Immigration And Inequality
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National Review Online writer Andrew Stuttaford, contributing to a round table for 2012 Predictions  posted on December 29, 2011, prognosticated, in part:

So far as unemployment is concerned, the picture will continue to be dismal. Any improvements in the headline numbers will have to be seen in the context of the long-term decline of the percentage of Americans holding jobs, a decline that will continue to be of little apparent concern to those (such as advocates of mass immigration) who continue to hymn the benefits of a rising population.

In his corresponding predictions for 2013 (Crystal Ball 2013, December 31, 2012), Stuttaford quoted the paragraph above and added:

Incidentally, when it comes to the question of immigration, the GOP, having “learned” from its 2012 defeat, may well be tempted to yield quite a lot of ground. What it will not do—despite the fact that inequality will be a major feature of the 2013 political debate—is make the essential point that mass immigration has been (and will continue to be) one of the most significant agents of inequality that there is.

That's a useful remark, because "inequality" has recently become a prominent bête noire  in our national conversation, and, indeed, mass immigration contributes to economic inequality.

Harvard economist George Borjas, himself a refugee from Cuba in his youth, explained the basic mechanics of this in his 1999 book Heaven's Door: Immigration Policy and the American Economy (Princeton University Press, Princeton).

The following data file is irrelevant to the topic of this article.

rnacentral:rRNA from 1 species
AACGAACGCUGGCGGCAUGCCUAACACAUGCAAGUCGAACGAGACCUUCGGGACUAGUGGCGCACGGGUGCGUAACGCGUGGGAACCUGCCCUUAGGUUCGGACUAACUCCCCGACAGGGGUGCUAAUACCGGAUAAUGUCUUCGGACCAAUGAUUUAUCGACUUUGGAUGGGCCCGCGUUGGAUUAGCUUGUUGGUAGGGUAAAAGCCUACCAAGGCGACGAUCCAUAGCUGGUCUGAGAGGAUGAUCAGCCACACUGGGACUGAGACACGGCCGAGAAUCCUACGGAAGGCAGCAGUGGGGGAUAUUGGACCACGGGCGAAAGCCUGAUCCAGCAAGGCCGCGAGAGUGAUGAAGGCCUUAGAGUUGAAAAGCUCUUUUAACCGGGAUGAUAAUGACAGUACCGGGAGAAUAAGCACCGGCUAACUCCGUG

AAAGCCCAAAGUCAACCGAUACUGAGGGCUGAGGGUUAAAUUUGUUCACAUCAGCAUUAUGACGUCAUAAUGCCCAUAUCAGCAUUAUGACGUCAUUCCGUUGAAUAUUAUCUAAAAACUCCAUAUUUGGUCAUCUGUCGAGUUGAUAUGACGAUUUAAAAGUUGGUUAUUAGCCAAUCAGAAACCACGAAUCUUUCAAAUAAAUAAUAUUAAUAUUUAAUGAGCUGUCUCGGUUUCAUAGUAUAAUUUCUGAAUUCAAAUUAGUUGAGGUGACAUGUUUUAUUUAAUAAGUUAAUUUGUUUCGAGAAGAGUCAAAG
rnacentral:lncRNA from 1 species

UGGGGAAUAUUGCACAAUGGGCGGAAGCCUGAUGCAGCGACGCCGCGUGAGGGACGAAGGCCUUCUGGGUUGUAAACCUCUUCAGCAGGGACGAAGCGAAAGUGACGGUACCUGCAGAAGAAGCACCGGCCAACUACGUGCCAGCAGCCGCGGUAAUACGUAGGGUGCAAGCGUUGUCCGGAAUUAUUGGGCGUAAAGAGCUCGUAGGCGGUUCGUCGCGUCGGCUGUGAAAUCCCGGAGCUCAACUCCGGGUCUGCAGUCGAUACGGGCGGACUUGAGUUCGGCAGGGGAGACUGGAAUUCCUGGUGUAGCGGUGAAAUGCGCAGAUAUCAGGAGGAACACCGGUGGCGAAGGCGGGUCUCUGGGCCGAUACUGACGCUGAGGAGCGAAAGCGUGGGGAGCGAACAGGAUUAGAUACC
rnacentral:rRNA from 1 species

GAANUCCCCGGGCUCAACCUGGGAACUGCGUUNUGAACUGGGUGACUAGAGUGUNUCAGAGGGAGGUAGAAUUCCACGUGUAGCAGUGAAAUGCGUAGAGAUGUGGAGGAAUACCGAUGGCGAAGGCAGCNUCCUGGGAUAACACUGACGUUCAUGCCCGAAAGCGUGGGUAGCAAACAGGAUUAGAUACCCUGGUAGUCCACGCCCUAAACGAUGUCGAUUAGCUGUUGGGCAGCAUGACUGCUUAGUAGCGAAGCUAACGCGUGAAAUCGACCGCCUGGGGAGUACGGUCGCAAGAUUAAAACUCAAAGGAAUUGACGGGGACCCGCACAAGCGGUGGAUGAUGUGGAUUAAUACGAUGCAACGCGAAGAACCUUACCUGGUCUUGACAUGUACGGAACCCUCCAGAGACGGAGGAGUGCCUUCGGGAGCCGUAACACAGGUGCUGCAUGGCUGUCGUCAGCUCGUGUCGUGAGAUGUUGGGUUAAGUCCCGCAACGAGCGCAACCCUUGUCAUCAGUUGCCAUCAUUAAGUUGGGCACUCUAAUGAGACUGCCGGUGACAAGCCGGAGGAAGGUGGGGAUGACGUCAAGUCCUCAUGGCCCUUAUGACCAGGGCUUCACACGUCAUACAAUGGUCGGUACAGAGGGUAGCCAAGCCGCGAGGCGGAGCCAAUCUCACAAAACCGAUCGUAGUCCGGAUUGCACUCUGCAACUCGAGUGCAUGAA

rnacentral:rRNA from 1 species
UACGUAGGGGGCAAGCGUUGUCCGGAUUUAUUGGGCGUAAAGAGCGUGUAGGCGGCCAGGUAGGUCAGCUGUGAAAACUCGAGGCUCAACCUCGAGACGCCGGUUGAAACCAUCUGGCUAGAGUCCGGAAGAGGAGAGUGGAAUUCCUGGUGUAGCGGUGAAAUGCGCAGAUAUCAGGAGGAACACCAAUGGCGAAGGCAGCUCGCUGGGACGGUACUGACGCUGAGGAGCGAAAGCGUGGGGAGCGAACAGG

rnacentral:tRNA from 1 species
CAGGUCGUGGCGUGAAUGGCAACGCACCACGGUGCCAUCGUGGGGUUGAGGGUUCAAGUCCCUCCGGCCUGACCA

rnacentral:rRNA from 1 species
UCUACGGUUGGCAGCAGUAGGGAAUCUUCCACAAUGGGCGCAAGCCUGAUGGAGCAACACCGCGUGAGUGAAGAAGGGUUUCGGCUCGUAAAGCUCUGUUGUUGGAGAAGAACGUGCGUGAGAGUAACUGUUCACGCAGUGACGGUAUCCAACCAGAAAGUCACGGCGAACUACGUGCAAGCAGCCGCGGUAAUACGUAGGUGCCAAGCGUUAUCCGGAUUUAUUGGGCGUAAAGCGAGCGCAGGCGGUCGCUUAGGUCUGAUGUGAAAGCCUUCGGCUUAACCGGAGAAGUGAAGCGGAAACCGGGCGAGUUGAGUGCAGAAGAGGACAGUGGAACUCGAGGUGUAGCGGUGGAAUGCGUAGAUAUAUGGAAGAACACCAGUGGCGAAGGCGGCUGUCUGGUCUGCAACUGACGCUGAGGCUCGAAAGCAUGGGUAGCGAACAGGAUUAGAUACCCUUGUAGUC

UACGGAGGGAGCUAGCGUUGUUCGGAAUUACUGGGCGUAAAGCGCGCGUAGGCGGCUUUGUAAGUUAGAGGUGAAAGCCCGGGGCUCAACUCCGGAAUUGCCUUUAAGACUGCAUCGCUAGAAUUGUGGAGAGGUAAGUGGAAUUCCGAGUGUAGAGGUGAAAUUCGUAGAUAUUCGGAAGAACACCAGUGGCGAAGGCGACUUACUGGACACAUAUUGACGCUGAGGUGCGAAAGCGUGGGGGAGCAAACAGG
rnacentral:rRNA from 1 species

Overall, immigrants, including illegal aliens, modestly increase the Gross Domestic Product [GDP], by several hundred billion dollars per year (against a GDP of about 15,000 billion dollars), but most of the increased output goes to the immigrants themselves. 

However, the economic presence of all those immigrants does boost the aggregate income of the native-born population by a few tens of billion dollars—relatively a very small amount if we estimate, consistently, that the natives' aggregate income would be 14,700 billion dollars if the immigrants weren't here at all.

However again, that small immigration-driven boost in natives' aggregate income encompasses redistribution among us natives from labor to capital amounting to something like $200 billion per year, because the presence of immigrants lowers wages for labor.

As Borjas puts it (p. 90):

Immigration ... has two distinct consequences and these consequences propel the immigration debate.  The nation, as a whole, gains from immigration.  In other words, immigration increases the size of the economic pie available to natives.  Immigration also redistributes income—from native workers who compete with immigrants to those who hire and use immigrant sevrices.  Immigration changes the way the economic pie is split between workers and firms.

This perspective also shows that the benefits from immigration arise because immigrants reduce the wage that native workers get paid.  Without the pain suffered by the workers who compete with the immigrants, no gain would accrue to the employers who do the hiring or to the consumers who do the buying. [Italics in original]

In short, just considering simple arithmetic, small decreases of income for many people (labor) can lead to big increases of income for a few (capital).  Thus to the extent "inequality" is a real problem in the U.S., it provides a leverage point for immigration patriots to use in discussions and arguments. 

Please remember this if we're confronted with another full-bore amnesty crisis this spring.

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